A new study, published in the American Society for Microbiology’s journal mBio, finds that herbicides, particularly those used on genetically modified crops, can make antibiotics less effective.
The study found that individuals who are exposed to herbicides while taking antibiotics are more likely to need higher doses of antibiotics to fend off the offending bacteria.
Jack Heinemann, the study’s lead author told The Guardian that policy makers and researchers need to begin looking at other factors in the fight against antibiotic resistance, notably the increased use of herbicides on genetically modified crops. “The countries that are growing GM crops at scale may wish to include these unanticipated effects on microbes in their evaluations,” Heinemann said.
The researchers used herbicide levels higher than what’s normally found residually on food, but at levels lower than standards for commercial crop growing, and is often similar to exposure levels for rural communities exposed to herbicide drift from nearby agricultural fields. The herbicides used included dicamba (sold commercially under the name Kamba); 2,4-dichlorophenoxyacetic acid; and glyphosate (Roundup), along with five different classes of antibiotics: ampicillin, ciprofloxacin, chloramphenicol, kanamycin, and tetracycline.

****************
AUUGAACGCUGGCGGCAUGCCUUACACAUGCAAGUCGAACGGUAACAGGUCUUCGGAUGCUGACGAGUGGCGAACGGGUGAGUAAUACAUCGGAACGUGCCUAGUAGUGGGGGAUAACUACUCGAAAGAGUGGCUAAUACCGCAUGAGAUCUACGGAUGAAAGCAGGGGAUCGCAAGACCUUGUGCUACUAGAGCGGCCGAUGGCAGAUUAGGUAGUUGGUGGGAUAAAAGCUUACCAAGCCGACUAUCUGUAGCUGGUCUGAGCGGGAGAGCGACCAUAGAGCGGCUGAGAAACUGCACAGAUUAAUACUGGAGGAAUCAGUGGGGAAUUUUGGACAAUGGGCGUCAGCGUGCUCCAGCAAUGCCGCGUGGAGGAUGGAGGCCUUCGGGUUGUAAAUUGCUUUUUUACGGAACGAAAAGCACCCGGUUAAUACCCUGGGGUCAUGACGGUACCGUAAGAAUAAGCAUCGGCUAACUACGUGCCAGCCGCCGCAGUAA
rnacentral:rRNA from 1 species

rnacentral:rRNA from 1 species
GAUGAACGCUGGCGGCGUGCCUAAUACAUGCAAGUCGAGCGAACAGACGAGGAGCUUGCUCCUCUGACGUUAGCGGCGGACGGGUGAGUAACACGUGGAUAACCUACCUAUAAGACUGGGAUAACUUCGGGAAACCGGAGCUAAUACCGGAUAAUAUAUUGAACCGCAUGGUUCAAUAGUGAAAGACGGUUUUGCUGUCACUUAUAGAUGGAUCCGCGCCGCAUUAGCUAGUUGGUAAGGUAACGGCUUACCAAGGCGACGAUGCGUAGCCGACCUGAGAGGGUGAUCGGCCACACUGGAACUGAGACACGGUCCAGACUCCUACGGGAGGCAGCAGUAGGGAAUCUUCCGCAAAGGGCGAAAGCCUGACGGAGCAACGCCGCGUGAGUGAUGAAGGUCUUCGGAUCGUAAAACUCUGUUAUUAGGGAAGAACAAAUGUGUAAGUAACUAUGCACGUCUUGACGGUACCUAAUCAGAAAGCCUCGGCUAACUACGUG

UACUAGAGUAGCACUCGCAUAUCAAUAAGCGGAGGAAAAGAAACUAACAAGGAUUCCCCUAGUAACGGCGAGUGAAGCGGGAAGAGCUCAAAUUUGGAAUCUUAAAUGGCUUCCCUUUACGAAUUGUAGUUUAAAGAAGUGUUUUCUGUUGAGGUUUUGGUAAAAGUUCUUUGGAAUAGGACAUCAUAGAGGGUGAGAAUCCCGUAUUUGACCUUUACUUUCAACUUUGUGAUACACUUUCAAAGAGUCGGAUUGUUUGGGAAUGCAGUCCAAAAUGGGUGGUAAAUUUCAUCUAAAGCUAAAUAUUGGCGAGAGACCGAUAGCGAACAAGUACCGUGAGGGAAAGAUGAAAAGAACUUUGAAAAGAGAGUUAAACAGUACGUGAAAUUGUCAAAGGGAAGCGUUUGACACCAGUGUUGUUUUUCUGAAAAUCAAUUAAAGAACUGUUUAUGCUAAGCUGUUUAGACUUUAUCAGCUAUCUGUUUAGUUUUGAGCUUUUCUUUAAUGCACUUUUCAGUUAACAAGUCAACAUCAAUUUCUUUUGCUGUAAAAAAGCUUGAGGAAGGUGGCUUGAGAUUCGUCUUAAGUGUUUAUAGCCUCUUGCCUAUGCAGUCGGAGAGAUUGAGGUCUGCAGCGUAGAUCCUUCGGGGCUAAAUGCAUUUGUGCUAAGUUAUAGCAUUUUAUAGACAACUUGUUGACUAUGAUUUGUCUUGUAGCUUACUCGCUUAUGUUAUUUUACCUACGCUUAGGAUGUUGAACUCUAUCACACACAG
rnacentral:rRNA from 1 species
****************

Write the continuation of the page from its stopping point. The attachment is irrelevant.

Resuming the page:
“The exposure pathways that we identified as possibly being the most relevant for future study generally arose from the use of the herbicide by others – for example, in the urban setting” Heinemann said. “Therefore, it may take communities talking to each other to find ways to reduce unintended exposures.”
While the research did note an increased antibiotic need when exposed to the herbicides, it wasn’t clear if it was the active ingredients in the herbicides or inactive ingredients. “If it turns out to be the inactive ingredients that reduce the potency of antibiotics, that could implicate a wider range of herbicides, as several available products have different active ingredients but the same inactive ingredients,” reports The Guardian.
The researchers are also looking into the most relevant impacts on human health as well as for farm animals, pets and pollinators, such as honeybees.
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